"The Human Form"

Alan Barnett Photography

A Different Lens Magazine is pleased to share this interview featuring the exceptional work of  New York City based photographer, Alan Barnett.  Alan has built a successful photography business that serves many nonprofit organizations and helps them carry out their missions with photos of their events and documenting how they help to make the world a better place. This work supports his personal art photography project that brings together a diverse community of models, actors, dancers, and others to celebrate the human form.

Alan, tell us how did you get into photography?

I’ve run my own graphic design business since 1992. About 14 years ago, I took up photography as a hobby. The leap to professional photography was mostly a matter of investing in equipment and mastering the technical aspects, as I was already an expert at composition and had lots of experience art directing other photographers. I began offering photography to my current clients, mostly shooting events, and I used the experience to branch out into other fields including portraiture and interiors.

What does photography mean to you?

Photography is a means to edit my world into fragments, that when removed from the larger environment, speak even greater truths. With my camera, I explore both familiar and unfamiliar worlds, relating with people and places to gain an understanding of the harmony and discord that combine to create engaging images. I aim to separate subject and content to explore their relationship or the friction that may at times result in unforeseen meaning. Photography can lead viewers to create their own narratives as the work uncovers hidden emotions and touches on universal experiences which bring them to alternate interpretations. Photography can reflect viewers onto themselves as complex individuals, as the photographer is revealed in the process of creating images.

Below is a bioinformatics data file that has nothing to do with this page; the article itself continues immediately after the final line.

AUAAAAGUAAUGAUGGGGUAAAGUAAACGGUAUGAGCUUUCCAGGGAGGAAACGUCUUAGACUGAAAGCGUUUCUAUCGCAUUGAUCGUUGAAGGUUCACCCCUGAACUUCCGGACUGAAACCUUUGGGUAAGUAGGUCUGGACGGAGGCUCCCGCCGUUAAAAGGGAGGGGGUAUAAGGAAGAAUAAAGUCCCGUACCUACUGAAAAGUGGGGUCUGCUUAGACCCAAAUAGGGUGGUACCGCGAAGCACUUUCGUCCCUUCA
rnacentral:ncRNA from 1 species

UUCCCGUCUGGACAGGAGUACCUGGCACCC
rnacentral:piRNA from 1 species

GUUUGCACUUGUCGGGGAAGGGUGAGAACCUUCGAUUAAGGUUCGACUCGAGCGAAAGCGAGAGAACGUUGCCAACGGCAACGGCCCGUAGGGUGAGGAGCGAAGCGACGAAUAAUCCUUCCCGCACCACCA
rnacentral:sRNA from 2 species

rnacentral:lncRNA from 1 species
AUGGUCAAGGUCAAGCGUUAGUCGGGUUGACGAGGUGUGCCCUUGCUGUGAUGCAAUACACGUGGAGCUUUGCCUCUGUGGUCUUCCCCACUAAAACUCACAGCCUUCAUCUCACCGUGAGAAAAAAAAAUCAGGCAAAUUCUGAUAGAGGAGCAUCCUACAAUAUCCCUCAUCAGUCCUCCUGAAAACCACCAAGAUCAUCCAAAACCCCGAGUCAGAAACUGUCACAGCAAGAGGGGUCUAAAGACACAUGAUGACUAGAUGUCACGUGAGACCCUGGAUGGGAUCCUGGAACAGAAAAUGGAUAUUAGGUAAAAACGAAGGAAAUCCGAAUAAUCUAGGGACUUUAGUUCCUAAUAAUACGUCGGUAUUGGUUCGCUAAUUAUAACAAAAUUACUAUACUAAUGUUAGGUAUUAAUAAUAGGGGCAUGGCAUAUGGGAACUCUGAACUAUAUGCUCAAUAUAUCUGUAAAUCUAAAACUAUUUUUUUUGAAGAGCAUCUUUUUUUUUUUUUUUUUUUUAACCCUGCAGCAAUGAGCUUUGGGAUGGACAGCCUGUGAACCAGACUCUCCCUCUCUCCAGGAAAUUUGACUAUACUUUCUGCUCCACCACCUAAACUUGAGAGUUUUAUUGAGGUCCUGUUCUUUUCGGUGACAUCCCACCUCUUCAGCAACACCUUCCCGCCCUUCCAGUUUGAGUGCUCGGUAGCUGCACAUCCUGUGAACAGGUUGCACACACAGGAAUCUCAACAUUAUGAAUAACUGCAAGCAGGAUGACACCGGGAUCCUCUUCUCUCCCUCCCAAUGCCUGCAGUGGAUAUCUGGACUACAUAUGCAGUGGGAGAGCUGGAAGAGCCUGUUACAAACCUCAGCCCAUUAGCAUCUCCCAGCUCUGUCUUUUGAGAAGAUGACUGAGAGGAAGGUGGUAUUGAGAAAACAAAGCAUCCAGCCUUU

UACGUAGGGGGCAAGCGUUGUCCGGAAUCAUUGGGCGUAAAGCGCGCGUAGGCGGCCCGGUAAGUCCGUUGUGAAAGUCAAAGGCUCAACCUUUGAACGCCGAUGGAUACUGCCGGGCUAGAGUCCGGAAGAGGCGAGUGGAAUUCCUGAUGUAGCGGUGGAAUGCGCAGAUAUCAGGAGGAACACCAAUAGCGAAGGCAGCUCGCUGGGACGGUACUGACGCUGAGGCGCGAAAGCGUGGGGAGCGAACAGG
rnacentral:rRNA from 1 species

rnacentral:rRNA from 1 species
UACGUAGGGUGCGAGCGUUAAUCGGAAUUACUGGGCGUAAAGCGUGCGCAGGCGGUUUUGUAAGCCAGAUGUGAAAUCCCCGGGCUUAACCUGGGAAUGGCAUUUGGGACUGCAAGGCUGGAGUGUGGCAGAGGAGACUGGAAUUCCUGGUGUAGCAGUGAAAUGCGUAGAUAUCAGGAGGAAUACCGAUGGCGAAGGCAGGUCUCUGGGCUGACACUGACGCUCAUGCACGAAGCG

How do you prepare for a photo shoot?

I set my intention for a desired outcome but remain open to unforeseen possibilities. I thrive on spontaneity, and I consider all my work to be a collaboration with the subject. Sometimes I need to give a lot of direction to my model, but most often we thrive off each other’s creativity and end up making work better than my original intention.

How would you describe your photographic style to viewers that are new to your work?

My style is bold and asymmetric with saturated colors, strong contrast, and moody lighting.

What motivates you to be the best photographer you can be?

 I’m motivated by the interpersonal interaction with my subjects, whether shooting an event for a client or one-on-one with a model in my studio for my art project. Equally as motivating is the joy my clients and subjects express when they see the great photos we’ve made together.  

How do you make people feel comfortable in front of your lens?

In the studio we relax. We breathe. We chat. We get to know each other so the shoot feels like friends having fun. That breaks down inhibitions and results in the subject feeling and looking great. At an event, I smile a lot. I find that makes others feel good, relaxes them, and they spontaneously smile back without thinking about it.

*Portrait of Alan Barnett by Steven Rosen Photography.

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